July 12, 2022

Daily Report 12/07/2022

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Sterling was unable to make any headway on Monday as a more fragile tone surrounding risk appetite sapped support and domestic economic reservations persisted. The Conservative Party leadership candidates continued to campaign on the basis of tax cuts which could give the Bank of England greater scope to raise interest rates, but the overall impact of potential fiscal policy changes was seen as limited. The 1922 committee confirmed that the first round of voting will take place on Wednesday after nominations close on Tuesday with the aim to declare a new Prime Minister on September 5th. Sterling retreated to fresh 2-year lows against the Dollar before a slight recovery into the European close. BRC data recorded a 1.3% decline in like-for-like retail sales for June with a sharper decline in volumes. Barclaycard reported higher consumer spending, but this was focussed on a surge in spending on utilities.

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18.00 Andrew Bailey Speech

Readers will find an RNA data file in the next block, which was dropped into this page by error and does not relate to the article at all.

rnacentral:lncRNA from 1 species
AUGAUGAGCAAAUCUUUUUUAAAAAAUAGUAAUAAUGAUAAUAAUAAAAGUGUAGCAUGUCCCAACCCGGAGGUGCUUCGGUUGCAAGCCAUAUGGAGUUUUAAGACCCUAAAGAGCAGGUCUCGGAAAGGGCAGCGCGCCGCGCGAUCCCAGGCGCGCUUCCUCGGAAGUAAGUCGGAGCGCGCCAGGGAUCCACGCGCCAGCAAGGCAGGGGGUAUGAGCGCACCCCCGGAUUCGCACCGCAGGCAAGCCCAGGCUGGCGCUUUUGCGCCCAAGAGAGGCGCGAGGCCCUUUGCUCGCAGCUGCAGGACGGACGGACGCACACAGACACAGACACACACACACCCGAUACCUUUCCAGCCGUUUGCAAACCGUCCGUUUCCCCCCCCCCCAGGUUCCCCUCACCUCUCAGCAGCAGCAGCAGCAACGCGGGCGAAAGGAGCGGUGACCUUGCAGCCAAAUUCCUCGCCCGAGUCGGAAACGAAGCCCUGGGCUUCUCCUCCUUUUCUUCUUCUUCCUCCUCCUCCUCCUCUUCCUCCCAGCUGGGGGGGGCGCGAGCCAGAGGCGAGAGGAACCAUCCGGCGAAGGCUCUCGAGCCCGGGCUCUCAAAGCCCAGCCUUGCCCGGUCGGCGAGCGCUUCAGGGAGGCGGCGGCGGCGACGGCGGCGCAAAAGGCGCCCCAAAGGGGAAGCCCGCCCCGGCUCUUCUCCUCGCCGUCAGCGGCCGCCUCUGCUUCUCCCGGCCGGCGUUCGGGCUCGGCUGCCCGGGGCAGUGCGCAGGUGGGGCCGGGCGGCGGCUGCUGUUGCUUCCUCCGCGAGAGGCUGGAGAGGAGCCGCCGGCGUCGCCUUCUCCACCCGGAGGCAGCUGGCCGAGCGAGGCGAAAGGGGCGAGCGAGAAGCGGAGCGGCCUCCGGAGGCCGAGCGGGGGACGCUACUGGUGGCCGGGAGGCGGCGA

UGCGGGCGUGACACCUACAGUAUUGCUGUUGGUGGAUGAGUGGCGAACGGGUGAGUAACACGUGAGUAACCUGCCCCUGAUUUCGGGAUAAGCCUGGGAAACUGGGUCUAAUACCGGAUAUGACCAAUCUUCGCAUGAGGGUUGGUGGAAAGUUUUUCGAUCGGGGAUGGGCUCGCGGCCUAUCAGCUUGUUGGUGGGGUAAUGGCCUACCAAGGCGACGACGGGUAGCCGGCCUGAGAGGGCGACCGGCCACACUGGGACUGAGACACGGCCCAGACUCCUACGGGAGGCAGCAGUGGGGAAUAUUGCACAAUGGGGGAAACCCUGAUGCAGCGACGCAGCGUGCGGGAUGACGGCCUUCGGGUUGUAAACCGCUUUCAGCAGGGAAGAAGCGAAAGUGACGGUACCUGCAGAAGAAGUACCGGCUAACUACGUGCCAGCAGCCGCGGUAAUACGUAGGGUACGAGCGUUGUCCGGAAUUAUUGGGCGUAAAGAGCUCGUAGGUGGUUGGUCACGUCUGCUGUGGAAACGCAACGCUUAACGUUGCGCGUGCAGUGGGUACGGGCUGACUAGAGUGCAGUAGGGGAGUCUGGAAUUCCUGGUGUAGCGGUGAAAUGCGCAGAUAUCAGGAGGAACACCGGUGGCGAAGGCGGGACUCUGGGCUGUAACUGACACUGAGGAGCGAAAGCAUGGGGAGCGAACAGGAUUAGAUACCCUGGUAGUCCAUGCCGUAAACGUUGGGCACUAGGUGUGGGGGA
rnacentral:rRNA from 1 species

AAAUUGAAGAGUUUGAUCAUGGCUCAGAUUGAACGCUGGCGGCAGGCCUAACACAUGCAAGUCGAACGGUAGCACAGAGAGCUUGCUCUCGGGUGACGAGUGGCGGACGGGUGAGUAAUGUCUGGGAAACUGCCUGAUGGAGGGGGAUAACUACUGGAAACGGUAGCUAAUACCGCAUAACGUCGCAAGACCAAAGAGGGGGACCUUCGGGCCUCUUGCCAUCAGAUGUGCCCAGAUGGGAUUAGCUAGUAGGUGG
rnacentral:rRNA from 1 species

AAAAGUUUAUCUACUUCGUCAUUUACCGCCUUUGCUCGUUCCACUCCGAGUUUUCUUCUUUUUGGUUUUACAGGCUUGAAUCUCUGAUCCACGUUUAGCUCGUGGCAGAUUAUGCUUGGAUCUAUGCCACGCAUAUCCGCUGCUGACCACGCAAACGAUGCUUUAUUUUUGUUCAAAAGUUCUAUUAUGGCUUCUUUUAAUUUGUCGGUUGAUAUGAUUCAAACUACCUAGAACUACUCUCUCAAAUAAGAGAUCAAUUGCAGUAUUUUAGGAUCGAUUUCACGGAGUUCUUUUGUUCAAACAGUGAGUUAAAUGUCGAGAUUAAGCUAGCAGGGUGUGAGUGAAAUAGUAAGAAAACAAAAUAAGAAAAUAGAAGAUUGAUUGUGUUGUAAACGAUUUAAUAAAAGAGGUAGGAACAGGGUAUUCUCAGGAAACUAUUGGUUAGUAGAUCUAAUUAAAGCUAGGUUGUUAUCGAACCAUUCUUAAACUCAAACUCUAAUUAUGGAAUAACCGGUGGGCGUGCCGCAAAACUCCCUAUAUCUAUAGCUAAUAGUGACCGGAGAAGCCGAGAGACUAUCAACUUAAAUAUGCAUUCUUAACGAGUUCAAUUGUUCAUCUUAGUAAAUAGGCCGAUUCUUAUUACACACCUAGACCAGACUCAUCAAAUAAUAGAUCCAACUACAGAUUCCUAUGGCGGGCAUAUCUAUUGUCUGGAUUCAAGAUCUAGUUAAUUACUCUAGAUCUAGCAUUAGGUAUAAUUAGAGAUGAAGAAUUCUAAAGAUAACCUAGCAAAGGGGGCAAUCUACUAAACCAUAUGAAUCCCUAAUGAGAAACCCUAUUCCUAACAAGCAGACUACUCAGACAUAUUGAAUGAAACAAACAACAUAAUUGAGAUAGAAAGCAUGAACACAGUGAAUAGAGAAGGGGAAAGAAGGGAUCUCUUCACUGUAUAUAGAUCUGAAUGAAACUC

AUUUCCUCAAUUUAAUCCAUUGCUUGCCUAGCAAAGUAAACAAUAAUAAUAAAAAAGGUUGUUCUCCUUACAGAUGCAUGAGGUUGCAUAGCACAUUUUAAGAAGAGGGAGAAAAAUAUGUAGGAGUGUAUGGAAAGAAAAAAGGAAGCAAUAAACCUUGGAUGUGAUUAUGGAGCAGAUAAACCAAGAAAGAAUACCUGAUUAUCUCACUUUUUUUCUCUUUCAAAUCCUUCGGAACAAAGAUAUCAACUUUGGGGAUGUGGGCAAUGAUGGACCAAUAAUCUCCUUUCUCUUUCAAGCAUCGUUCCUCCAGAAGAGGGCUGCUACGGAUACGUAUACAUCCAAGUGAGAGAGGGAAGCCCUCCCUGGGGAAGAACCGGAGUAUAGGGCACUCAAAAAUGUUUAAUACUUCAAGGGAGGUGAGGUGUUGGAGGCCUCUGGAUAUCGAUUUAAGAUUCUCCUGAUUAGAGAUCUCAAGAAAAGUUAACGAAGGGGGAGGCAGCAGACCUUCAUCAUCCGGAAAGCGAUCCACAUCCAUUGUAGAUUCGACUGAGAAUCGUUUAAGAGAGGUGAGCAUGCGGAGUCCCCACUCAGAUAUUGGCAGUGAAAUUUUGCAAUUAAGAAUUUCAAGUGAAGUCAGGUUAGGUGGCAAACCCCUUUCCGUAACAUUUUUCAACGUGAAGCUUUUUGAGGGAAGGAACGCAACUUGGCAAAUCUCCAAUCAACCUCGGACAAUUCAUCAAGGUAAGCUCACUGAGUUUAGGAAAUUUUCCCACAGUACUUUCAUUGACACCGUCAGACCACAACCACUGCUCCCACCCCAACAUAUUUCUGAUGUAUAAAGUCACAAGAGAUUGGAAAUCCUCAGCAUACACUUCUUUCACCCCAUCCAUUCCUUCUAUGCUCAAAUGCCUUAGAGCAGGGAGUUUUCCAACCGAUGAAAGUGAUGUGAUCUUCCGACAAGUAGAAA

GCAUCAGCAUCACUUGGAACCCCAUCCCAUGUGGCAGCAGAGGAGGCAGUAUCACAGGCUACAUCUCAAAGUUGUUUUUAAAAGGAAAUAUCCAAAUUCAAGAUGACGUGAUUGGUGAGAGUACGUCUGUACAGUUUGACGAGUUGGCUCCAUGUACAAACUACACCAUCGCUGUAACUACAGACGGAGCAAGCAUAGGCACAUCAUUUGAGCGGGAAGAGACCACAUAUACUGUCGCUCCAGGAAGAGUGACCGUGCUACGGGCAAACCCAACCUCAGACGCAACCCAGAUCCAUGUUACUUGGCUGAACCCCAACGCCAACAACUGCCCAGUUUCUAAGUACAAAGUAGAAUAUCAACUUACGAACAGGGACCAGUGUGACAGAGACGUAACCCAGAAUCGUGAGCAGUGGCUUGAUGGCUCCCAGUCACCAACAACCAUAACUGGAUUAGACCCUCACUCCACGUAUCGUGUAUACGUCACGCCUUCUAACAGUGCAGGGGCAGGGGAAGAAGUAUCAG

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The Euro was unable to make headway ahead of Monday’s New York open with the currency again undermined by a wider lack of confidence in the Euro-Zone outlook amid fears over gas supplies. There were also further doubts whether the ECB would be able to push ahead with significant rate hikes given pressure on growth. Although trading conditions were initially subdued as is often the case on the Monday after the US employment report, the Euro continued to grind lower.

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The dollar was supported by expectations of aggressive Federal Reserve hikes and concerns over tightening financial conditions. There was also speculation over a strong US consumer prices reading this week which would reinforce pressure for aggressive Fed rate hikes and tend to undermine risk appetite. The latest New York Fed survey recorded an increase in 1-year inflation expectations to 6.9% from 6.6%, but 3-year expectations declined to 3.6% from 3.9%. Consumers overall were less confident in the labour market. Kansas City Fed President George stated that the speed at interest rates increase is an open question. The pace needs to be balanced carefully against the state of the economy and financial markets while moving too fast would risk over-steering.

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